Common Causes Of Depression In Your 20s, 30s and 40s
Humans are susceptible to depression at any age, but life tends to throw us particular curveballs and changes related to the decade of life we’re in. Did you worry about boys rejecting you between the ages of 1 and 10? Not likely. And did you worry about your relationships ending in divorce when you were just 21? Well, maybe, but you were just being dramatic. If you are struggling with feelings of depression, you may find some comfort in the fact that most people your age deal with the very same issues—it’s just the ebb and flow of life. If you know about these hurdles in advance, you may be able to take some steps to keep them from causing depression. Here are common causes of depression in your 20s, 30s, and 40s.
20s: Loss of community after college
You may for the very first time live alone in your 20s, right after college. At the very least, you will no longer live in a building or neighborhood where you can step outside, and instantly see 30 of your friends and peers. People move away from campus, out of the city or even out of state, which can leave recent college grads feeling quite lonely. This is a very important time to seek out new communities, perhaps through meetup groups, exercise classes or sports leagues.
20s: Body issues
Women, in particular, put a lot of stock in their body image in their 20s. In your 20s, you haven’t really been on this earth for very long. You’re still figuring out who you are, and you haven’t full discovered all of the wonderful traits and characteristics you have to offer friends and romantic partners. This usually results in 20-year-old women feeling like if their bodies aren’t “perfect” then they aren’t valuable or attractive. This is an important age to volunteer, intern, try different recreational classes and let your full personality and skill set shine.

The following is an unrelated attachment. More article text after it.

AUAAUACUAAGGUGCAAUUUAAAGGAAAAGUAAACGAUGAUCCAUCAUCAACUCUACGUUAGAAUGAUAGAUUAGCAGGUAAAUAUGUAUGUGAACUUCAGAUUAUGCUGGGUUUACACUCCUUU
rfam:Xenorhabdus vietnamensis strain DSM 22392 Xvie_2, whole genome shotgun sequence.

20s: Feeling lost in one’s career
Nobody knows exactly what they want to do in their twenties, and if they tell you they do, they’re wrong. Very few people end up where they thought they would in their careers. This is a confusing time when you don’t know which internship or assistant job to take. It can feel like these first career steps will shape your life entirely, and that’s a lot of pressure. But, that’s also not true. Life is long, and you have plenty of time to change paths. Let your intuition guide you on early job decisions.
20s: Dating rejection
As stated before, we deal with a lot of self-esteem issues in our 20s. By the time you hit your 30s, you can usually tell pretty early whether or not you’re compatible with someone, and you don’t take it personally if they don’t want a second date—you know you’re desirable. But your 20s can be confusing; we often don’t ask ourselves, “Do I like this person?” but rather “Does he like me?” or “Why doesn’t he like me?” Those types of questions don’t lead to much happiness.
20s: New responsibilities
In your 20s, you may suddenly find yourself responsible for negotiating your own terms on a car lease, researching health insurance plans, understanding what the fair rent prices should be in various neighborhoods and calculating your tax deductions. All of these new responsibilities can consume you, and make you feel like life will never be fun again. Talk to somebody older; they can tell you everybody feels that way at your age, and everyone is eventually happy again.
30s: Losing friends to marriage, kids etc.
In your 30s, even if you do have a solid friend group, you may find you spend less and less time together as people get married, take on more responsibility at work, and have children. Traditions like weekly brunch with your girlfriends may begin to dissolve, leaving you once again feeling community-less (like you did right after college). This is, one again, a good time to explore new hobbies and interests, as well as dedicate more time to the few friends who do have time for you.
30s: No longer having a 20-year-old body